With the benefit of hindsight, we know the pet industry produced another solid year for performance in 2013, generating growth of 4.5%. Industry revenues climbed to $55.7 billion, with growth exceeding forecast by 0.2%. Revenues benefited from inflation of 1.3%, including food price inflation of 1.1%. Growth was relatively uniform across the core segments with services (+5.0%) and veterinary care (+4.9%) leading the way. While growth is projected to accelerate to 5.0% in 2014, we expect companies in the space to experience more widely divergent fates. Our thesis is that the industry is undergoing structural changes that will result in stronger performance from the leaders and slower performance from the laggards.
Structural change is being driven by slower growth in the key drivers of performance over the past five years. On the retail side, we are seeing smaller retail chains ascend at the expense of large pet specialty players. Notably, PetSmart same-store-sales slowed to 2.0% in 2H2013. In contrast, PetSmart produced, on average, quarterly same-store-sales growth of 5.2% from fiscal 2010 through 2Q2013. Further, among top 25 pet retailers, 55% of box growth came outside of Petco/PetSmart in 2013, up from 41% in 2011. Finally, ecommerce growth in pet products is expected to accelerate from 35% in 2013 to 38% in 2014 as online pet venues both consolidate and proliferate.
Product manufacturers are also experiencing the impetus for change. Looking for new sources of growth they are pursuing new channel strategies. Big Heart Brands’ acquisition of Natural Balance Pet Foods and Nestle Purina PetCare’s acquisition of Zuke’s underscore this theme. Notably, the number of companies with pet specialty distribution that exhibited at Expo West (meaning they are looking for Whole Foods distribution) doubled in 2014. Additionally, the pending Blue Buffalo initial public offering is, in our view, a prelude for the brands entry to mass. Collectively, these companies will blur the lines between sales channels for pet consumers.
Net net, change is the air and change drives deal velocity. Below are the other key pet industry trends for 2014:
- Prelude for Sale or a Move to Mass? In March, news leaked that Blue Buffalo Company Ltd. had selected underwriters for an anticipated 2014 initial public offering. When the company took a leveraged dividend in 2012, we predicted a sale or filing within three years. Blue generated $600 million in sales in 2013 and EBITDA margins are said to be nearing 20%. The company is approaching the size of The Nutro Company when it was acquired by Mars, Inc. While Blue has no lack of suitors, the purported asking price of $1.5 – $2.0 billion would be hard for even the largest companies to swallow in an environment where product recalls can rapidly erode brand equity. A listing would place a public sale price on the business, which may facilitate a transaction, but we think the more likely outcome is that Blue is headed to mass. The growth requirements for a public company are more than the pet specialty channel alone can support. If the brand jumps to FDM under its existing label, which we think is possible, you can add another brick in the wall of change.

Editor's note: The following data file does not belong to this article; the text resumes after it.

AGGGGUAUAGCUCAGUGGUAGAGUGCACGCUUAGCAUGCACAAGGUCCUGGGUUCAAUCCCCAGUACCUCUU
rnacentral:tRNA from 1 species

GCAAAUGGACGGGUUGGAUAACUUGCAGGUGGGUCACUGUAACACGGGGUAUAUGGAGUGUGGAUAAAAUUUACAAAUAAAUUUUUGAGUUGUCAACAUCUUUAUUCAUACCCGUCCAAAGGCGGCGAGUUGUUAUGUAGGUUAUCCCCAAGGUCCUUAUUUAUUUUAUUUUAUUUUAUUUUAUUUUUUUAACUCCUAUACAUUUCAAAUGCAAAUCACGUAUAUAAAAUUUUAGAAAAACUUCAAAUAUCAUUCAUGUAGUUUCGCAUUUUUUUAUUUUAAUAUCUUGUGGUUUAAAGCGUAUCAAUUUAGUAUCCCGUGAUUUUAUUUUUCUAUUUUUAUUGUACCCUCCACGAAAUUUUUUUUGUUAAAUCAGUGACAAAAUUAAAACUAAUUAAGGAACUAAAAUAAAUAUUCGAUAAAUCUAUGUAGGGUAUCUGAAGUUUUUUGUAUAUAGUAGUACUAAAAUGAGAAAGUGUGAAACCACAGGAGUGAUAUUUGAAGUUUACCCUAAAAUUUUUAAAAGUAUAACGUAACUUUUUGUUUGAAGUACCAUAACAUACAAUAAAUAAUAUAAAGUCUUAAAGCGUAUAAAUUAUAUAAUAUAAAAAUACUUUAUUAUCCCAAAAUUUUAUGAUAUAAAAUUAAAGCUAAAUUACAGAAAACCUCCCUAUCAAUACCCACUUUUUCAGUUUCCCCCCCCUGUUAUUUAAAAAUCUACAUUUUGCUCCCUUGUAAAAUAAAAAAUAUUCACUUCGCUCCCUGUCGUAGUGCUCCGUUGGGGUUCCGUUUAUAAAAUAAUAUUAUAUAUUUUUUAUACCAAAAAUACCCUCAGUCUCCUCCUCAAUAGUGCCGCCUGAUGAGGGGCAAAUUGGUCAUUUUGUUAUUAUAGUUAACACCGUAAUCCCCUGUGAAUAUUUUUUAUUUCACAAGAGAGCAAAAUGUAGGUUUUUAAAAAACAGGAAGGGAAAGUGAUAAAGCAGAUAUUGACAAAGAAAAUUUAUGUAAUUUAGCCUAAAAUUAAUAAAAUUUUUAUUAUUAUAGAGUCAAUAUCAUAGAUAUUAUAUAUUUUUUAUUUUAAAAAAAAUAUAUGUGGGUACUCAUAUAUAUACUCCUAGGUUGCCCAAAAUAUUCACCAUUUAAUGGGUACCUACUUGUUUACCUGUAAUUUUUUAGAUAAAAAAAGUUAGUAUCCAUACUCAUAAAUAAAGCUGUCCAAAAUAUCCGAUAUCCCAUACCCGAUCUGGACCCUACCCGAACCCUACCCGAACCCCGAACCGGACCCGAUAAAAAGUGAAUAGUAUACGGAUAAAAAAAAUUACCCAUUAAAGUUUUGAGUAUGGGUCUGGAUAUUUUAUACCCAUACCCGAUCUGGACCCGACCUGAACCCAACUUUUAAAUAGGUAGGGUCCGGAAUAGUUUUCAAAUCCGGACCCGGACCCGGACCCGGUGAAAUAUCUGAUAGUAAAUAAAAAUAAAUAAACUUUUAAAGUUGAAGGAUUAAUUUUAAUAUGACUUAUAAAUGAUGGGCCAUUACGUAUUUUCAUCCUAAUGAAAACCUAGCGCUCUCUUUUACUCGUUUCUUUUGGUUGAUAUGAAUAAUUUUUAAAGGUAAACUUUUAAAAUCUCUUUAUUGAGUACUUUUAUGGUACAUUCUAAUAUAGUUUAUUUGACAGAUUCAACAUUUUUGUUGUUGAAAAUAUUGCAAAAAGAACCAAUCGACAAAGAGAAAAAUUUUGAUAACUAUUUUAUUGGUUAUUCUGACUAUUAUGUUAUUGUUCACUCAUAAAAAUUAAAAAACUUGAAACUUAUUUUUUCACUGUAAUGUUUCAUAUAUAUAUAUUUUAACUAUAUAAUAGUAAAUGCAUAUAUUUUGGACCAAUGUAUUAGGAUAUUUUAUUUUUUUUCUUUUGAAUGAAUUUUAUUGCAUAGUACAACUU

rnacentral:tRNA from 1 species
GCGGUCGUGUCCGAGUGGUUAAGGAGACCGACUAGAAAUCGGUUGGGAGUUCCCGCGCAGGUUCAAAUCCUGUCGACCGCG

- Natural Leads Grocery Resurgence. Grocery has been steadily losing market share to pet specialty post recession. Simply put, FDM has been out-thought and out-merchandised. Lacking access to key independent brands coupled with limited selection depth, consumers have migrated their spend elsewhere. Grocery buyers and store planners did not recognize the strategic value in the pet aisle. However, this is changing. Major chains such as Kroger and Whole Foods have or are set to launch large pet assortments made up of staple, emerging, and house brands system-wide. Increasingly, brands are being built for the grocery channel or seeking to make the jump. Notably, the number of pet consumables companies exhibiting at Expo West doubled in 2014. Given its size and a lack of compelling incumbent brands, the pull of the FDM channel is strong. As the channel regains momentum outside of the natural and gourmet segments, it has the potential to change where consumers shop for premium and how brands are built.
- Change Will Drive Deals. As manufacturers, retailers, distributors, and brands seek to align themselves with emerging realities, we expect to see increased deal activity. Deal velocity in sectors such as consumables should accelerate both acquisitions and private placements. Specialty retail, a sector whose transaction volume has been rather muted, should see a resurgence as leading micro-box and online platforms enjoy increased capital formation to expand their footprint or are acquired by mass and major pet specialty retailers seeking to expand omni-channel capabilities. For the most attractive properties, valuations will increase due to broader and deeper interest from buyers and investors.
Contact me for a copy for my report.
Sources: APPA, Cleveland Research, New Hope Natural Media, Pet Business, Reuters, U.S. Bureau of Economic Activity